On the side topic, like Daniel.Beta points out, US paper money is actually fairly durable... Bills do tear now and then, but only either from very harsh treatment, or if they're simply really old and worn... They're actually more like a paper-esque fabric (being made out of cotton and linen, with other fibers woven in), and have a fairly decent tensile strength...

That said, though, I too have all but abandonned paper and coin currency in favor of debit/credit card use... If not for the occasional need to get something out of a vending machine that only accepts paper and/or coin currency (some more modern machines do indeed have a debit card swipe slot, but the majority still only accept hard currency), or the various other odd instances where an establishment does not have the capacity to accept card transactions, I could go the rest of my life without ever touching a bill or coin... Heck, with my paycheck being direct deposited into my account and all of my bills being paid electronically, I don't even ever need to set foot in a bank anymore...

As for the lowly penny, I'm all for its demise, and have been for most of my life (even before I made the switch to a virtually all-electronic monetary system) In fact, they're so low in my esteem that if I find one on the floor when cleaning up, I'm more likely to just throw it in the trash with whatever other refuse I've picked up, rather than keep it (sorry, Nadrew!) I honestly wouldn't mind having everything rounded to the nearest 5 cents (heck, lets get rid of that, too, and go to ten cent increments!) Of course, if everyone would just make the switch to all-electronic transactions, we could do away with all of the coins altogether, and not even have to round anything...
Tiberath wrote:
I'm fairly sure that the old one and two cent coins you see floating around are still legal currency in Australia.

I thought that they weren't legal currency but banks are forced to buy them off you (and obviously they can't give them out). So using them is more like people are buying/trading coins worth exactly 1c/2c than actually making a cash transaction.
I was pretty young when they phased them out so I might be wrong. I should probably just look it up on Wikipedia tomorrow.

Crispy wrote:
Also, we like to think of ourselves as a "clever country", so home-grown technology like polymer bank notes (CSIRO invented them) always wins public appeal points.

That and being able to refer to a $50 note as a pineapple. Big crowd pleaser. =P
That was my impression, too, DarkView. I don't care enough to look it up though. =)

Can't say I've heard the pineapple joke before!

@Danial: Right, thanks. I couldn't remember the US terminology for X-dollar-notes. (Which is how I intended "$50 note" to be pronounced - "fifty-dollar note".) I knew about nickels but I don't particularly like that terminology; it's just more words to remember. I actually had to ask a local to make sure I was using those terms (penny/nickel/dime/quarter) right, since we just don't use them here. I was right, mostly thanks to BYOND - I knew pennies were the smallest denomination in Britain so I figured they had to be 1c in the US, and a quarter is of course just a quarter dollar so 25c, but I wasn't sure about nickels and dimes until I remembered that 1 BYONDime was 10c. So nickels are 5c by process of elimination.

See? BYOND is edumacational!

We do refer to notes by their value too (like "fifty" for a $50 note/bill), but less frequently, possibly because it's ambiguous. A "fifty" is also a 50c coin. Our coins come in the same denominations as our notes: 5, 10, 20, 50. And 100, but you almost never see 100s.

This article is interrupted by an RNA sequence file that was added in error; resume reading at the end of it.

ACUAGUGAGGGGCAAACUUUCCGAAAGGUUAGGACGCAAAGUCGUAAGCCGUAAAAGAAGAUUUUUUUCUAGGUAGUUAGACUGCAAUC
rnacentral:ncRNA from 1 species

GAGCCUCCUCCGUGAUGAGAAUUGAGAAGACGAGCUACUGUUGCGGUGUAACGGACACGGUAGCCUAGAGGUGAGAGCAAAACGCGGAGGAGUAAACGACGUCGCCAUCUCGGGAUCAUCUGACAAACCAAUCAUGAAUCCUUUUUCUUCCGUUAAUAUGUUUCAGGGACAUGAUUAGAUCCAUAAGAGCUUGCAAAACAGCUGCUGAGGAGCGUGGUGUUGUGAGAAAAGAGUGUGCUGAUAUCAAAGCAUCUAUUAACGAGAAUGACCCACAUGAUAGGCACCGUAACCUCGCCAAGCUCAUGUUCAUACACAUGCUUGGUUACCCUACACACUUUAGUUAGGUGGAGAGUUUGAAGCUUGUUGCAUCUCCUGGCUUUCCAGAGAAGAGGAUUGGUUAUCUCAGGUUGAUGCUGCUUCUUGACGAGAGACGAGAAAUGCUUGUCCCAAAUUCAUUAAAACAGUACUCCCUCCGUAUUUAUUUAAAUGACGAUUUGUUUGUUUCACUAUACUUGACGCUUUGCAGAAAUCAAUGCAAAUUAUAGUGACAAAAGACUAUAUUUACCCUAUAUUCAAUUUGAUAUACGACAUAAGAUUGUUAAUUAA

Thanks for offering to set up some Mayhem Intergalactic games... it all helps! =)

@everyone leaping to the defence of paper money: Well, OK. That was the only one I managed to rip (probably because I was a lot more careful after that). Perhaps that particular ATM was just stocked with really old bills! Or perhaps my wallet is related to Chuck Norris. In all seriousness, I do think the polymer notes are stronger. I have become used to none-too-gently shoving them into my sturdy wallet and having them survive just fine apart from the occasional major crease (they flatten out OK eventually), so perhaps I've been spoilt by their unusually high tensile strength. Also, you can get them wet and it doesn't matter one bit!
I seriously think the hold up Americans have over getting rid of the penny is based on the way most of us think of the cent as being the lowest, and non-divisible, unit of currency. If you tell them that the penny will be eliminated, you will immediately be challenged with "Well then, how will you pay for something that costs $7.48 cents?" Most of us just don't get that this question is as easy to answer as "how do you pay for something that costs $7.48 and 6/10 of a cent?"

Americans think of a dollar as 100 cents. If you get ride of the penny, the nickle will still be "5 cents", but there's no longer such a concept as a cent. The dollar becomes twenty nickles, a non power of ten division. The quarter switches its definition (in peoples' minds) from 25 cents to 5 nickles. Us penny eliminators get a lot of resistance from people who don't want to jumble around all the values of coins, or do a bunch of magical rounding operations every time they want to buy gum (even though this already happens to the tenths of a cent tacked on via tax).

I'm not arguing that any of the above makes sense, only that it's the sort of thing you run into when advocating the removal of the penny. I say get rid of them. While we're at it, get rid of the dime (When the nickle effectively becomes a 1, the dime will become 2, and denominations of 2 have never fared well in America). Once that's done we can finally make a successful push for the everyday use of a $1 coin.

Crispy wrote (#14):
Also, you can get them wet and it doesn't matter one bit!

Same with our greenbacks. I regularly add to a "long term storage fund" which I keep in my apartment. To store these more easily, I iron the bills with my iron's high steam setting. They never have a problem with the water.